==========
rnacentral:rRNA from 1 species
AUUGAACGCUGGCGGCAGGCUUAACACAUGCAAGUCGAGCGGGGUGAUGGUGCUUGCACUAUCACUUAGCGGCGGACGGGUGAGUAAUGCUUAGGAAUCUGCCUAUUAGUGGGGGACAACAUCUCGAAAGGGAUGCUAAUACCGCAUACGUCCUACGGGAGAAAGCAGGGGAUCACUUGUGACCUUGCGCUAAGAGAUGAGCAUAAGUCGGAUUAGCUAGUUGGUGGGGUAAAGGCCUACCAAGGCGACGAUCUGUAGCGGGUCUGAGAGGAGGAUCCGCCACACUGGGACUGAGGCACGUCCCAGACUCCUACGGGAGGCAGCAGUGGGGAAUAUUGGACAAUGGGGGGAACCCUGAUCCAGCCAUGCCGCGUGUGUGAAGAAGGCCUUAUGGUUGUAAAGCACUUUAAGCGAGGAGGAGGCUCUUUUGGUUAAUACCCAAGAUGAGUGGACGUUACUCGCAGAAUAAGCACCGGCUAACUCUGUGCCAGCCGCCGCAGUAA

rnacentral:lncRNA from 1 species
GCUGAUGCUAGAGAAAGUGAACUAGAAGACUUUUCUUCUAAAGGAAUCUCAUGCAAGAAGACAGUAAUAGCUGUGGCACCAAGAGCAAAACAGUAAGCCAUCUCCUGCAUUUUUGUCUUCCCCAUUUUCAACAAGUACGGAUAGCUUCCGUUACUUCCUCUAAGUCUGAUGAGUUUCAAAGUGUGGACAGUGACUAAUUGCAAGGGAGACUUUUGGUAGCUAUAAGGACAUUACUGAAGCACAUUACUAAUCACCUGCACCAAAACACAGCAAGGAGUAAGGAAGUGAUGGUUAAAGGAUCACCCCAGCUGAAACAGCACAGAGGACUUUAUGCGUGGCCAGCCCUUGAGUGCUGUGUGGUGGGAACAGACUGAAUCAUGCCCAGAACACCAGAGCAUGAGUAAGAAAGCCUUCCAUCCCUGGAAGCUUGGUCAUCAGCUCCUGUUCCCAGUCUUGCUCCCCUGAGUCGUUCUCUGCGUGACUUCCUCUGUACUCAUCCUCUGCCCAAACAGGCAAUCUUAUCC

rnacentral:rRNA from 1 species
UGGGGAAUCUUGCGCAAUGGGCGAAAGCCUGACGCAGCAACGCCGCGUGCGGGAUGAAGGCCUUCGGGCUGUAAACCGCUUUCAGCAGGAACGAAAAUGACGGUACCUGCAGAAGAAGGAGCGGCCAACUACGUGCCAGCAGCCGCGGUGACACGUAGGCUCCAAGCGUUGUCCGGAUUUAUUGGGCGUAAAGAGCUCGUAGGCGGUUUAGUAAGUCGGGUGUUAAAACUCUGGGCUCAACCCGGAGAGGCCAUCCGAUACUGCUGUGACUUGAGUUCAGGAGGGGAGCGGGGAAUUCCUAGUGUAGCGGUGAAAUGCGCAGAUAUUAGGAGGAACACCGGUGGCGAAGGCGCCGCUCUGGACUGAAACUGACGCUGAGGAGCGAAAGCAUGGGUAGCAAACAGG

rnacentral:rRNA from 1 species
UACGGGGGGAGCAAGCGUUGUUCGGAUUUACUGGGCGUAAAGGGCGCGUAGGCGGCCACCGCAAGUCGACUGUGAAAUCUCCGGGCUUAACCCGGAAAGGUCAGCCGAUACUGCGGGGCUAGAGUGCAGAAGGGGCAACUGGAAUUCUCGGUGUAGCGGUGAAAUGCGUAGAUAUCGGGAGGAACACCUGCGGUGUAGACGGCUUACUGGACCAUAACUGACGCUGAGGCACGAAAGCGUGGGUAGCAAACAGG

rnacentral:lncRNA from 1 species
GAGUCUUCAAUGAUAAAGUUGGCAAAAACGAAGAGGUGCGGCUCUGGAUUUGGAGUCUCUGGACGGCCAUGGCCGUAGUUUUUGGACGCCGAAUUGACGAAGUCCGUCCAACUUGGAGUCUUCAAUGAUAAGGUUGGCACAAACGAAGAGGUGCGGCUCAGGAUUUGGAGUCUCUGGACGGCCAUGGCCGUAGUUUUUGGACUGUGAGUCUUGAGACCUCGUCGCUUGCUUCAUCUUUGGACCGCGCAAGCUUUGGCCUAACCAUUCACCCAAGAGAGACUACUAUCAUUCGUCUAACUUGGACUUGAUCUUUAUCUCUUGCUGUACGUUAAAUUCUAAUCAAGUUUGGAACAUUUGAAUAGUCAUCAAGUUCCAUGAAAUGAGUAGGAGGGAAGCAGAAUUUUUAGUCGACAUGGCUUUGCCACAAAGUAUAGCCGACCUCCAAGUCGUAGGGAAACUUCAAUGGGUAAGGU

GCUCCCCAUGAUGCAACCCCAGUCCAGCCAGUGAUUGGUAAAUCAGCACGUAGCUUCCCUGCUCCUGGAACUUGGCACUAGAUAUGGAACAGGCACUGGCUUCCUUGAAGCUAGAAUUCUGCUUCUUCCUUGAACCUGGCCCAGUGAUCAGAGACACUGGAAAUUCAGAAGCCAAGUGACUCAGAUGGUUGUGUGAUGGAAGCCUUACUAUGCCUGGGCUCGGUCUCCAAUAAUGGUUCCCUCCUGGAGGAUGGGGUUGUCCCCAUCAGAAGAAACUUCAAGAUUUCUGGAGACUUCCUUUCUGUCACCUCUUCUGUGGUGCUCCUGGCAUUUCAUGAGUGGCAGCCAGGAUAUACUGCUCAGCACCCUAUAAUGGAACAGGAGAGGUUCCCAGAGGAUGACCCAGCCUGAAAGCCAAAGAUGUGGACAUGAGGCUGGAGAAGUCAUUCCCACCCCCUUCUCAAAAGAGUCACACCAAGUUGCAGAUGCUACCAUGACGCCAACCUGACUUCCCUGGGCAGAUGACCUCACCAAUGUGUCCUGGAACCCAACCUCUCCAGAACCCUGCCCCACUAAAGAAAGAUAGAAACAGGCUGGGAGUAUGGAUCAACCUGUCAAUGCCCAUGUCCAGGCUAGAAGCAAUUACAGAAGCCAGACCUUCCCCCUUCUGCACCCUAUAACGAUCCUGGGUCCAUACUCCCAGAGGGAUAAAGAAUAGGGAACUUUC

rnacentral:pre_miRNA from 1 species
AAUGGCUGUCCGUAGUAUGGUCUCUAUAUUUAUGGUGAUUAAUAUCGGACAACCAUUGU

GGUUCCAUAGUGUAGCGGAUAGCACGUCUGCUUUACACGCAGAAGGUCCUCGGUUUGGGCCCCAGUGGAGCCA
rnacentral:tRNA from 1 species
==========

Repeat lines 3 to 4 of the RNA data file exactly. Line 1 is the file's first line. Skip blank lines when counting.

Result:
rnacentral:lncRNA from 1 species
GCUGAUGCUAGAGAAAGUGAACUAGAAGACUUUUCUUCUAAAGGAAUCUCAUGCAAGAAGACAGUAAUAGCUGUGGCACCAAGAGCAAAACAGUAAGCCAUCUCCUGCAUUUUUGUCUUCCCCAUUUUCAACAAGUACGGAUAGCUUCCGUUACUUCCUCUAAGUCUGAUGAGUUUCAAAGUGUGGACAGUGACUAAUUGCAAGGGAGACUUUUGGUAGCUAUAAGGACAUUACUGAAGCACAUUACUAAUCACCUGCACCAAAACACAGCAAGGAGUAAGGAAGUGAUGGUUAAAGGAUCACCCCAGCUGAAACAGCACAGAGGACUUUAUGCGUGGCCAGCCCUUGAGUGCUGUGUGGUGGGAACAGACUGAAUCAUGCCCAGAACACCAGAGCAUGAGUAAGAAAGCCUUCCAUCCCUGGAAGCUUGGUCAUCAGCUCCUGUUCCCAGUCUUGCUCCCCUGAGUCGUUCUCUGCGUGACUUCCUCUGUACUCAUCCUCUGCCCAAACAGGCAAUCUUAUCC